Why Immigration Reform Is A Jewish Issue

Jews understand that while we may not be the ones on the buses today, we’ve been there before.

Stosh Cotler is the CEO of Bend the Arc: A Jewish Partnership for Justice.    
National Journal
Stosh Cotler
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Stosh Cotler
April 11, 2014, 2:13 a.m.

A 12-year-old boy and his sib­lings are smuggled out of their coun­try and brought to Amer­ica. They grow up poor, but their hand-to-mouth lives here are still bet­ter than the pos­sib­il­it­ies they faced in their home coun­try. With time, they come to prosper and to love their new coun­try, to think of it as their real home.

This is a fa­mil­i­ar story among today’s im­mig­rants, who are trapped in the middle of a fierce na­tion­al de­bate about im­mig­ra­tion re­form. But it’s also the story of my grand­fath­er, who fled pogroms in Kiev 100 years ago, and found a home in the United States.

The Jew­ish story is a story of im­mig­ra­tion.

Some 2.5 mil­lion Jews ar­rived in the United States between 1881 and 1924. The fact is, many Amer­ic­an Jews are only two or three gen­er­a­tions re­moved from their first days in this coun­try. But our ex­per­i­ences with im­mig­ra­tion stretch far deep­er than that. Dur­ing Pas­sov­er, the di­a­spora will re­cite the story of our ex­odus from Egypt on one of our most widely prac­ticed hol­i­days. Our Pas­sov­er story of walk­ing through the desert for 40 years in search of a new home is shared around Jew­ish din­ner tables across the globe.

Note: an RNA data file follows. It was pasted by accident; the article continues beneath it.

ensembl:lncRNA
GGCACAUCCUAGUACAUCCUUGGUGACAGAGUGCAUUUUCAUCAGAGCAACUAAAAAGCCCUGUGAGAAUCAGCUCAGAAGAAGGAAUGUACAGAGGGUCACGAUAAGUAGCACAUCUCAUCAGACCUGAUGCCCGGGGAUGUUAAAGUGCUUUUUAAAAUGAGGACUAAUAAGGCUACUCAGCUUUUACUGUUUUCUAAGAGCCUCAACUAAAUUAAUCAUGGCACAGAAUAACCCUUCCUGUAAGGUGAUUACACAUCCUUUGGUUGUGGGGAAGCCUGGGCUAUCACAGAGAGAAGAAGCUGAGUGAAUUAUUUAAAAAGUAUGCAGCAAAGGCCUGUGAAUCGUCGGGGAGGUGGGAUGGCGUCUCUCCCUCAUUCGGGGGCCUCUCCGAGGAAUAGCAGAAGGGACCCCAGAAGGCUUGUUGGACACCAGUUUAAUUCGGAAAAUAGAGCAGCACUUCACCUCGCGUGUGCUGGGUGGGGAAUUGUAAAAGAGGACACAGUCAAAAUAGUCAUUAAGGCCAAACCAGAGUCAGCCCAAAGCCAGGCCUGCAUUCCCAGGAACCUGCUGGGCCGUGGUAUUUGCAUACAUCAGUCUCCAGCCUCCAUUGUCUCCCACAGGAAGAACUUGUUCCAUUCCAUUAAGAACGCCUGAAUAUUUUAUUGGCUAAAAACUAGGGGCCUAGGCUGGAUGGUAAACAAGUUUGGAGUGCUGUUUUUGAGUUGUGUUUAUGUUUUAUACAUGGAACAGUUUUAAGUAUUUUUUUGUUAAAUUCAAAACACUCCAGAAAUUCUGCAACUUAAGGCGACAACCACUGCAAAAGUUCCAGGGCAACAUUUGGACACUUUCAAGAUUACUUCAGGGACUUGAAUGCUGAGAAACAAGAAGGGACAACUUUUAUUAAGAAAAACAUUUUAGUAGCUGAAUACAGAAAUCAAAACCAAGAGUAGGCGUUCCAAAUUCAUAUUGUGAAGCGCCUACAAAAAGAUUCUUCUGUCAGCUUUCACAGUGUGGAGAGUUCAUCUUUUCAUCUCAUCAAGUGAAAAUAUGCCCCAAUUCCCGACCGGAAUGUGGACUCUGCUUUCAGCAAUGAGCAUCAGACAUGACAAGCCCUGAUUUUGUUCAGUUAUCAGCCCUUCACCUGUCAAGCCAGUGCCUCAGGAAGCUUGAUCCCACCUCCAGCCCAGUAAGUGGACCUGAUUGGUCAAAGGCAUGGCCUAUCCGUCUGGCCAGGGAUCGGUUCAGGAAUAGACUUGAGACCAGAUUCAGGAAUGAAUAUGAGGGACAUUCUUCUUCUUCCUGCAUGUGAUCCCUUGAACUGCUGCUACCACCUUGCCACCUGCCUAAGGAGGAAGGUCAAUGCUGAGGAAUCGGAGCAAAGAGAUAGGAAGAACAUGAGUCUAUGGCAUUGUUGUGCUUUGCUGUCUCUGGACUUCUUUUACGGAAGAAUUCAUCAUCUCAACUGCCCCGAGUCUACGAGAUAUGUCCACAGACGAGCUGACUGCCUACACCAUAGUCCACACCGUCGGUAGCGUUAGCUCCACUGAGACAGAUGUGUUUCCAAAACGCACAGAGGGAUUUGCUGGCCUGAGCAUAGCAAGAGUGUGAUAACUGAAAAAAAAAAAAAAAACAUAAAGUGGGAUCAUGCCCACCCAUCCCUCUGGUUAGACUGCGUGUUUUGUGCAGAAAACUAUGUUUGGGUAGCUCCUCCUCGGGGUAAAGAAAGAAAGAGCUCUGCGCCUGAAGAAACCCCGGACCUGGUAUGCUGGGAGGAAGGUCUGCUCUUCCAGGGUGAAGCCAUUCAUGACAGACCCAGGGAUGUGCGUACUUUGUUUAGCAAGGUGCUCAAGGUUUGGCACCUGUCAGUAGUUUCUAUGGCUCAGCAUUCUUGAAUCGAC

Jews have al­ways been im­mig­rants. We’re al­ways search­ing for a safe place to call home. That is one reas­on we are so in­ves­ted in mak­ing sure that today’s im­mig­rants have the op­por­tun­ity to build their lives in Amer­ica like we did.

Right now, at least 11 mil­lion men, wo­men, and chil­dren are liv­ing in the United States with the real fear that they could be thrown in­to a de­ten­tion cen­ter, de­por­ted, and torn from their fam­il­ies at any time. These are our neigh­bors, our friends, and our chil­dren’s class­mates. Even if we don’t have a per­son­al con­nec­tion to any of the mil­lions of un­doc­u­mented people in Amer­ica, they are people whose in­nate dig­nity de­serves re­spect.

Today, up­wards of 30,000 people are be­ing held in de­ten­tion cen­ters across the coun­try, many without any way to con­tact their fam­il­ies. Every day an av­er­age of 1,120 people are put on buses and dis­carded across the bor­der. This is no way to treat people who have worked hard, paid their taxes, and con­trib­uted to the coun­try like the rest of us — they are “dif­fer­ent” only be­cause they lack the right pa­pers.

Our im­mig­ra­tion sys­tem has crumbled to the point of cruelty. It is a crisis of gov­ernance and a crisis of our na­tion­al con­science. Jews un­der­stand that while we may not be the ones on the buses today, we’ve been there be­fore. We know that when one group is threatened, it puts every­one at risk.

One of Juda­ism’s cent­ral teach­ings is to “wel­come the stranger,” to of­fer shel­ter to those in need and to ac­cept those who we per­ceive to be dif­fer­ent from us. Con­trary to the in­di­vidu­al­ist­ic, go-it-alone at­ti­tude that has pre­ven­ted our coun­try from mak­ing pro­gress on many press­ing so­cial is­sues in re­cent years, Jews be­lieve that our fates are bound up in one an­oth­er — that we’re all in this to­geth­er. Put in a dif­fer­ent way, we are re­spons­ible for each oth­er, and an in­justice against one hurts every­body. It also means we are re­spons­ible for cor­rect­ing the in­justices in our world.